9. If you know English, it is preferable to have the interview in the English so that you and consular officer can understand each other. Interpreters mess up sometimes.
10. If you know English, it is preferable to have the interview in the English so that you and consular officer can understand each other. Interpreters mess up sometimes.
11. Consular officers are very smart in their profession. They can figure out true intentions of applicants most of the time because of their training and experience.
12. Consular officers are fond of asking “What if…” type questions
Some examples are:
What would you do if you won the jackpot in a Las Vegas casino? What if someone offers you a job in the U.S. at a very high salary? What if someone offers you a partnership in his business? What if some beautiful woman proposes to you for marriage? Consular officers may ask such questions to scrutinize the applicants. Do not give an answer immediately without thinking through it. If the officer suspects that your intention may be to stay in the U.S. and/or work there, your visa may be rejected. If you give answers, such as I will buy a house in the U.S. and stay there after winning the jackpot, I will accept the job offer or partnership and start working, or get married to the beautiful U.S. citizen girl and settle there, your visa will be rejected. When you are applying for a tourist visa, you are just supposed to tour the country and not just stay in the U.S. forever because of one or another reason.
13. Be honest during the interview and while preparing the documents. The consular officer is not your enemy, and they is just doing their duty.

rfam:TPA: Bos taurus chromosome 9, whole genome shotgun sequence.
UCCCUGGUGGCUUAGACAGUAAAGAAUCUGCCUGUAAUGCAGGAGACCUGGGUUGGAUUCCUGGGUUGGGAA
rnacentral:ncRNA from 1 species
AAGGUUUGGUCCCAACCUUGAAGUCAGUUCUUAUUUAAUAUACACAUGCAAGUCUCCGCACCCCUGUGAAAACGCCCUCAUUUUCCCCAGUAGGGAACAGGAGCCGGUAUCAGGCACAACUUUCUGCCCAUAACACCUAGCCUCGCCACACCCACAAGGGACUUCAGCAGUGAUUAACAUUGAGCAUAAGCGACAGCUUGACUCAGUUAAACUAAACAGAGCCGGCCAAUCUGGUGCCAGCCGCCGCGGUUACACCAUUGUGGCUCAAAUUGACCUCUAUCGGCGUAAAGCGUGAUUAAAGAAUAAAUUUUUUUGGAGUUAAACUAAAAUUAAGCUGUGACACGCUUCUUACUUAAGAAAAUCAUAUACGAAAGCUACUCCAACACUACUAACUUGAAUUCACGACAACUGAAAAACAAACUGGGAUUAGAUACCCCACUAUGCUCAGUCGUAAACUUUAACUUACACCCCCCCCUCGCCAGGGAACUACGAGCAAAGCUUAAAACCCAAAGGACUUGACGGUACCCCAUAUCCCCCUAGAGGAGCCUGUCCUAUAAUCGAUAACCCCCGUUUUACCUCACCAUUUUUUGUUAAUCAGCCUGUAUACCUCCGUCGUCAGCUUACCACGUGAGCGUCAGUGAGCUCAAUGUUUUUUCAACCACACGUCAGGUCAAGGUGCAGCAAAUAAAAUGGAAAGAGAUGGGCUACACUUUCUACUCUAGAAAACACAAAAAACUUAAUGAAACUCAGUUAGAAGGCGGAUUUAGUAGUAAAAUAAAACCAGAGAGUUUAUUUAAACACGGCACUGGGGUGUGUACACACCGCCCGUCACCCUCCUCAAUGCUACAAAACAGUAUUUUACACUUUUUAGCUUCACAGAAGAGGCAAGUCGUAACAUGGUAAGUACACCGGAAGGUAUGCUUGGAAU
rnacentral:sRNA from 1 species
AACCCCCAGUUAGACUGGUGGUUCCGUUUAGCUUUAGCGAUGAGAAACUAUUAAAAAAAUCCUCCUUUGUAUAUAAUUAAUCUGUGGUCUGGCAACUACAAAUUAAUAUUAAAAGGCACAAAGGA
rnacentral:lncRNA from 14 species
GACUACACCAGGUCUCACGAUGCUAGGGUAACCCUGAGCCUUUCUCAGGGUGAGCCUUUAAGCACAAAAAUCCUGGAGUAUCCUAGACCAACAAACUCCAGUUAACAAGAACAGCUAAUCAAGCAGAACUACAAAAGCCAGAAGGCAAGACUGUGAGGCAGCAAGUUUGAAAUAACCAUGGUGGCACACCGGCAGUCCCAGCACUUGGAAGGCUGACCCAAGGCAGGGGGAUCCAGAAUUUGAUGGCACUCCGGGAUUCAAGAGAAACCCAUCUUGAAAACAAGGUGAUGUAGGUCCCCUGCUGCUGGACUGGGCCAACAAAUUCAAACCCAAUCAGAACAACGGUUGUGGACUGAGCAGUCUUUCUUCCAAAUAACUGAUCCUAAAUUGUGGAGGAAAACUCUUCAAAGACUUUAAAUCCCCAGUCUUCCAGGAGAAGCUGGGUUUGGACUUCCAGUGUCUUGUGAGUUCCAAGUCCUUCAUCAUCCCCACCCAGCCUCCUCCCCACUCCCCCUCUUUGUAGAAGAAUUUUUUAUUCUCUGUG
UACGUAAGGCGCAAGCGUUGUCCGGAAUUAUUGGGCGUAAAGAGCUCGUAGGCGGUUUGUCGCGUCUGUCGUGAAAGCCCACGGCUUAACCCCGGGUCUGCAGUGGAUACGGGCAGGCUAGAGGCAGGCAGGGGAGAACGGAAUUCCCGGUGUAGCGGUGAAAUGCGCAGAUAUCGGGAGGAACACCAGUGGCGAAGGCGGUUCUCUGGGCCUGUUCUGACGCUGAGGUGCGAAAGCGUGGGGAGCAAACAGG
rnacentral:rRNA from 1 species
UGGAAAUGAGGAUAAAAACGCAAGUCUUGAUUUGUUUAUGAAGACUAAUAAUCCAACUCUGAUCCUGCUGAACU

14. For every question asked, when you are saying your answer, you should be prepared to simultaneously put forth a document supporting your answer and refer to the document in
E.g. If the interviewer asks you what are your ties in your home country, for which you will return to your home country after your visit, and if one of the components for your answer is that our only grandchild is in the home country, then you should simultaneously present photographs of your grandchild and your family to the interviewer to strengthen your answer.
15. The purpose of the tour should be vacationing, visiting friends/family, or any other allowed activities.
16. Always reply with correct answers. All data while applying for the visa and details of the answers given in your interview are computerized and maintained. If your visa is rejected once, you cannot be changing your details the next time you go for an interview.
17. Your appearance should convey who you are. If you are a student, you should look like a student. If you are an executive, you should look like an executive. Your body language should convey friendliness, but that you are also serious about your goal.